Some of the top American Quakeworlds players showed up, such as Kovaak, Thump4 and FienD, in Quake2 we had players like purri, DaHanG and naymlis who should, and did, win all their Q2 games against non-quake2'ers with ease. Since most top Q4 players came from Q3, it was another game with top showing, mentioning names like Toxic, Fox, Stermy etc, and for Q4 we had, including the names already mentioned, players like Lost-Cauze, Griffin and Chance. So, all Quakes were well represented, allthough missed some top European Quakeworld players such as griffin, reppie or dag for instance, and would be fun to see another top Q2 players from Europe, say Damiah.

The Coverage:
The coverage of the Quad Damage event was hands down horrible. With all these quakers at the event, and followers who loves the game nearby, it would have been nice if someone aside from TosspoT actually wanted to spread the word on what was going on.
+VOD (from the handfull games they were available)

:: No live casting/streaming
:: No live brackets
:: No live scorebots
:: No schedule

So we basically had to ask people at the event on IRC about what was going on, and think they were as confused as the rest of us. Remember I thought the coverage was pretty weak in 2005 when they showed less than a handful q2 games on the stream, but this event manage to beat that performance by a margin the size of a continent. Demos from games weren't released at all during the event, except the demo from DaHanG vs purri which was uploaded by a byoc-participant. Great. The demos did finally get uploaded after a few days after the event, and had a nifty search-function that was very handy!

The games:
Judging from what I've seen on the vods, the games tend to have a really varying degree of quality. In quake2 we saw blowouts all the way untill the bronze final, in quakeworld on the other hand there were some upsets and it seemed like qw was the game most non-qw players were focusing on. Probably because there were a majority of Q3/Q4 players so focusing on those games would be less valuable as you would still get beaten by those players, but in qw and q2 you'd get more value for your time spent practicing. Q2 seemed to be the game less practiced, as non-quake2'ers showed pretty weak showing there, with the honorable exception of fox who, allthough not stunning, showed understanding of the game and q2dm1 in the final versus toxic. $lasher beating griffin in quake2 was the best moment of them all :>

That being said, there were close matchups in all quakes, and the entertainment value of seeing professional players play like a complete newbie in another quake was priceless, they're human after all.

As for upsets, there were a few. DaHanG beating Thump4 in qw and purri in q2 are among them, but even though maps were lost, none of the game-results were unexpected or out of the blue. And as a whole the tourney seemed almost too predictable judging by the final standings, which is kind of weird because one would expect the coinflip picking the deciding game/map would alter the outcome somewhat.

The response:
Reading some comments here and there it seemed like most would want Fox as a winner because he had showed dedication towards improving in other quakes than his Q3/Q4 where he already was a top contender. There seemed to be a feeling that Toxic had been somewhat lucky to avoid qw/q2 as a decider in the three last rounds, as he clearly was the weaker player there, but his exceptional skill in the two remaining games made him deserve the win. DaHanG and purri also gained some recognition, both showing that they could deliver the goods, allthough few if any believed DaHanG could beat purri in Quake2. To people outside Q2 purri seemed to be unbeatable in Quake2, but most of q2-players following duel leagues know that there is no such thing as a player who can't lose a map when both players are above a certain skillevel.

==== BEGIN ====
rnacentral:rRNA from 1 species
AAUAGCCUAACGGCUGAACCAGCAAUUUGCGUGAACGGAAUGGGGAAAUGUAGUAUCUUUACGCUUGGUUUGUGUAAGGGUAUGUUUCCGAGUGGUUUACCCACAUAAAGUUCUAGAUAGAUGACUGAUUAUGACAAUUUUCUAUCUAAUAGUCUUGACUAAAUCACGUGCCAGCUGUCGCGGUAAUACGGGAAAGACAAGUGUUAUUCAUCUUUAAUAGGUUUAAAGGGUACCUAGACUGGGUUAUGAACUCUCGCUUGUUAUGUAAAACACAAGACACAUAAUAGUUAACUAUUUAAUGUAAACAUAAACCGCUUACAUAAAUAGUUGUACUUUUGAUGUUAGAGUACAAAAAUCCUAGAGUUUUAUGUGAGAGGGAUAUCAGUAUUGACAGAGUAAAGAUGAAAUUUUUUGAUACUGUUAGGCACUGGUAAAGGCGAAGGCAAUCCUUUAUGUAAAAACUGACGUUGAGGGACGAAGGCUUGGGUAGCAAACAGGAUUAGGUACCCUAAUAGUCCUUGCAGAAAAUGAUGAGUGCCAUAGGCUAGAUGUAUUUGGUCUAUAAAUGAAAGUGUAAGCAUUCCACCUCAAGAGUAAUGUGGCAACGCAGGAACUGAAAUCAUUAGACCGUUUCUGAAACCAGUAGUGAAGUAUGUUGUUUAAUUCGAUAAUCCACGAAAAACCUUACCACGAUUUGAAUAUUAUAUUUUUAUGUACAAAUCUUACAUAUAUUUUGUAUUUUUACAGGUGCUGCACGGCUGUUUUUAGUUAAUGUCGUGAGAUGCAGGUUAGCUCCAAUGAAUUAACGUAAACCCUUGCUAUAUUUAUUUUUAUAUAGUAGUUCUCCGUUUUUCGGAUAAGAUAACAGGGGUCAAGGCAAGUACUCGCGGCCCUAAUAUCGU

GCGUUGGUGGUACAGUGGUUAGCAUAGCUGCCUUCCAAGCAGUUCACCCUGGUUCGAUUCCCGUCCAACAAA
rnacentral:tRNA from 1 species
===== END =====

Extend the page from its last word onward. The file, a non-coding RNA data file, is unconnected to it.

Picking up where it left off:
And it's inevitable to not comment on the purri versus DaHanG game. I've read plenty responses, and think they are somewhat based by the idea that purri is way over DaHanG's league, which shouldn't come as a surprise because purri is indeed a legend in Quake 2 and DaHanG is a late-comer who doesn't even participate a scene that is active competively. But if you actually disregard the "purri-legend status" and "lol-n00b-american-status" and look at the demo seperately, it should show you that DaHanG wasn't a bad player at all, he was quite skilled. So the win wasn't out of the blue, it was a result of pretty good playing there and then, and that's really all that matters in a tourney. It's not the first or last time purri has lost a game, nor is it first or last time DaHanG has won a game.

To non-Q2'ers I just feel that purri was victim of being seen as the unbeatable player in Quake2 based on his performance in QuakeCon 2005 where no other top player was attending at all. Doze, allthough a great player in his prime, was just playing Q2 a month or two prior the event after years of inactivity and wasn't giving him a challenge. Noone playing Q2 could really relate to that praising, as we all know purri's unique agressive style will make him vulnerable against very defensive and strategic players. So, even though it was a big surprise DaHanG actually won a map versus him, it wasn't like it couldn't have happened.

The future:
As for the players it seems like most of them really enjoyed the challenge, and felt the tourney was quite fun to play. It will be interesting to see such a format in later QuakeCons when Quake5 has been released, maybe the different games could be built into the final game itself, now that would be pretty awesome *dreaming..*

2007-08-30 23:58 
keep the articles coming, i was gonna say something about nadl predictions but then i looked and they were there!

2007-08-28 23:54 
thanks guys emo
2007-08-28 21:58 
nice job dael ! emo
2007-08-28 15:10 
nice !